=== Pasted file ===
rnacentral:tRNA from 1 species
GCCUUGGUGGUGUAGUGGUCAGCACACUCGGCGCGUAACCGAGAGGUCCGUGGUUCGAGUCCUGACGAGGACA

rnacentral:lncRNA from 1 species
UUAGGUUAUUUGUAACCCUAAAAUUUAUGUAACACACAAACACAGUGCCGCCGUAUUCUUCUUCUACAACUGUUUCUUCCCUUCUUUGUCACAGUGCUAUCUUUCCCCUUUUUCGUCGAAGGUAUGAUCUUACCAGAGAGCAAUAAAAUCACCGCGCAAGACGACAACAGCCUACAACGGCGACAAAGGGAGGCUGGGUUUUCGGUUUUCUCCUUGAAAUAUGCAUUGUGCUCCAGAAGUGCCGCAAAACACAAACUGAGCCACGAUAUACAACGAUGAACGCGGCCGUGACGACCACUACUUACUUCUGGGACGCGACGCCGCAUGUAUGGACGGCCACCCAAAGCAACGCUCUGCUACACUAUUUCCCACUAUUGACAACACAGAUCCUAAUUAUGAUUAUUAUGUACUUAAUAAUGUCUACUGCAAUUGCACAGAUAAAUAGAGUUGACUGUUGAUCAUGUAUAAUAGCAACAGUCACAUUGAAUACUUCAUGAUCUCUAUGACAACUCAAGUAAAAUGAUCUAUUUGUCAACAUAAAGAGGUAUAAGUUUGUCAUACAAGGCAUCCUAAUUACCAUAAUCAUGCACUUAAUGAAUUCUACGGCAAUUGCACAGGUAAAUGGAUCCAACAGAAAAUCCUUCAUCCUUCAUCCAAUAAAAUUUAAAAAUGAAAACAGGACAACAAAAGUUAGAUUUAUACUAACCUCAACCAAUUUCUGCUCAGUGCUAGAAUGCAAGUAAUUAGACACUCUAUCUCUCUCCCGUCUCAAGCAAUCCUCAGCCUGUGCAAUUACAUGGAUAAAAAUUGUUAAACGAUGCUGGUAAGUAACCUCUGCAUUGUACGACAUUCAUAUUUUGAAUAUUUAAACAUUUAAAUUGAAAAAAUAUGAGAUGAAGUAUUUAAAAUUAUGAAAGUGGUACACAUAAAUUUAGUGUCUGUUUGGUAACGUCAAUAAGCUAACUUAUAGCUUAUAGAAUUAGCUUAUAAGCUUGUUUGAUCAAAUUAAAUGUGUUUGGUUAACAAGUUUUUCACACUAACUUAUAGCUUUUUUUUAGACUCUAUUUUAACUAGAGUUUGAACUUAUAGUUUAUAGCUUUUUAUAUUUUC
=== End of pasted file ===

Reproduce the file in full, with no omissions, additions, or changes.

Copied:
rnacentral:tRNA from 1 species
GCCUUGGUGGUGUAGUGGUCAGCACACUCGGCGCGUAACCGAGAGGUCCGUGGUUCGAGUCCUGACGAGGACA

rnacentral:lncRNA from 1 species
UUAGGUUAUUUGUAACCCUAAAAUUUAUGUAACACACAAACACAGUGCCGCCGUAUUCUUCUUCUACAACUGUUUCUUCCCUUCUUUGUCACAGUGCUAUCUUUCCCCUUUUUCGUCGAAGGUAUGAUCUUACCAGAGAGCAAUAAAAUCACCGCGCAAGACGACAACAGCCUACAACGGCGACAAAGGGAGGCUGGGUUUUCGGUUUUCUCCUUGAAAUAUGCAUUGUGCUCCAGAAGUGCCGCAAAACACAAACUGAGCCACGAUAUACAACGAUGAACGCGGCCGUGACGACCACUACUUACUUCUGGGACGCGACGCCGCAUGUAUGGACGGCCACCCAAAGCAACGCUCUGCUACACUAUUUCCCACUAUUGACAACACAGAUCCUAAUUAUGAUUAUUAUGUACUUAAUAAUGUCUACUGCAAUUGCACAGAUAAAUAGAGUUGACUGUUGAUCAUGUAUAAUAGCAACAGUCACAUUGAAUACUUCAUGAUCUCUAUGACAACUCAAGUAAAAUGAUCUAUUUGUCAACAUAAAGAGGUAUAAGUUUGUCAUACAAGGCAUCCUAAUUACCAUAAUCAUGCACUUAAUGAAUUCUACGGCAAUUGCACAGGUAAAUGGAUCCAACAGAAAAUCCUUCAUCCUUCAUCCAAUAAAAUUUAAAAAUGAAAACAGGACAACAAAAGUUAGAUUUAUACUAACCUCAACCAAUUUCUGCUCAGUGCUAGAAUGCAAGUAAUUAGACACUCUAUCUCUCUCCCGUCUCAAGCAAUCCUCAGCCUGUGCAAUUACAUGGAUAAAAAUUGUUAAACGAUGCUGGUAAGUAACCUCUGCAUUGUACGACAUUCAUAUUUUGAAUAUUUAAACAUUUAAAUUGAAAAAAUAUGAGAUGAAGUAUUUAAAAUUAUGAAAGUGGUACACAUAAAUUUAGUGUCUGUUUGGUAACGUCAAUAAGCUAACUUAUAGCUUAUAGAAUUAGCUUAUAAGCUUGUUUGAUCAAAUUAAAUGUGUUUGGUUAACAAGUUUUUCACACUAACUUAUAGCUUUUUUUUAGACUCUAUUUUAACUAGAGUUUGAACUUAUAGUUUAUAGCUUUUUAUAUUUUC